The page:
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J Am Dent Assoc. 2008 May;139(5):565-70; quiz 626.

Caries and restoration prevention.

Author information

  • 1University of Florida College of Dentistry, Gainesville, FL 32610, USA. imjor@dental.ufl.edu

Abstract

BACKGROUND:

The authors analyzed studies of decayed, missing and filled (DMF) rates for surfaces and teeth in Norway published during the last 30 years. The result of active fluoride therapy combined with a change in criteria for when to place restorations led to a marked reduction in the need for restorations.

METHODS:

The authors reviewed independent, cross-sectional DMF studies of representative samples of young adults performed every 10 years during the period 1973 through 2006. The clinicians involved in the studies used standardized and calibrated methods. The authors of this article also reviewed an additional series of studies collecting DMF data from representative samples of 15-year-old adolescents that also had been carried out independently from 1979 through 1996. In these studies, the investigators examined clinical records and bitewing radiographs with attention to progression of carious lesions and restorative treatments.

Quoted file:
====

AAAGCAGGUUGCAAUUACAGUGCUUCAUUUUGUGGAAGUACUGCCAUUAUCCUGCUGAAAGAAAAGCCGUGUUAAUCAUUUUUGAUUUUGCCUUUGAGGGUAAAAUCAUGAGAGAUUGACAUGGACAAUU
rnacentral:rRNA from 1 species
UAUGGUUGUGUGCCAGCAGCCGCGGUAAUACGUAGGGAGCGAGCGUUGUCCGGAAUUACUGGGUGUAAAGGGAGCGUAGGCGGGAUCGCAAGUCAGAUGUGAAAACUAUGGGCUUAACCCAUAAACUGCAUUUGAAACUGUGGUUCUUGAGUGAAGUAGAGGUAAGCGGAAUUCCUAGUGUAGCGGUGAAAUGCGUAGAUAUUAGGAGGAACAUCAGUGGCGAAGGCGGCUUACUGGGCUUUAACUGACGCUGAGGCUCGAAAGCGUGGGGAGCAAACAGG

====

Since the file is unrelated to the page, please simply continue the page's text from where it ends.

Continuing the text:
RESULTS:

The authors noted a marked reduction in the mean decayed, missing and filled surface (DMFS) scores from 1973 through 2006 in the two adult groups. They also found a significant decrease in treatment of caries. The reduction was most marked after the mid-1990s. They noted that the most dramatic change in the data from the 15-year-olds resulted from a change in the treatment criteria during the 1980s. Approximal lesions in enamel were monitored by the investigators of those studies in combination with the use of fluoride toothpaste.

CONCLUSION AND CLINICAL IMPLICATIONS:

A caries treatment approach based on active caries-preventive treatment and restrictive criteria for restoration placement are good bases for reducing the need for restorations as shown in cross-sectional studies reviewed.

PMID:
18451372
[PubMed - indexed for MEDLINE]
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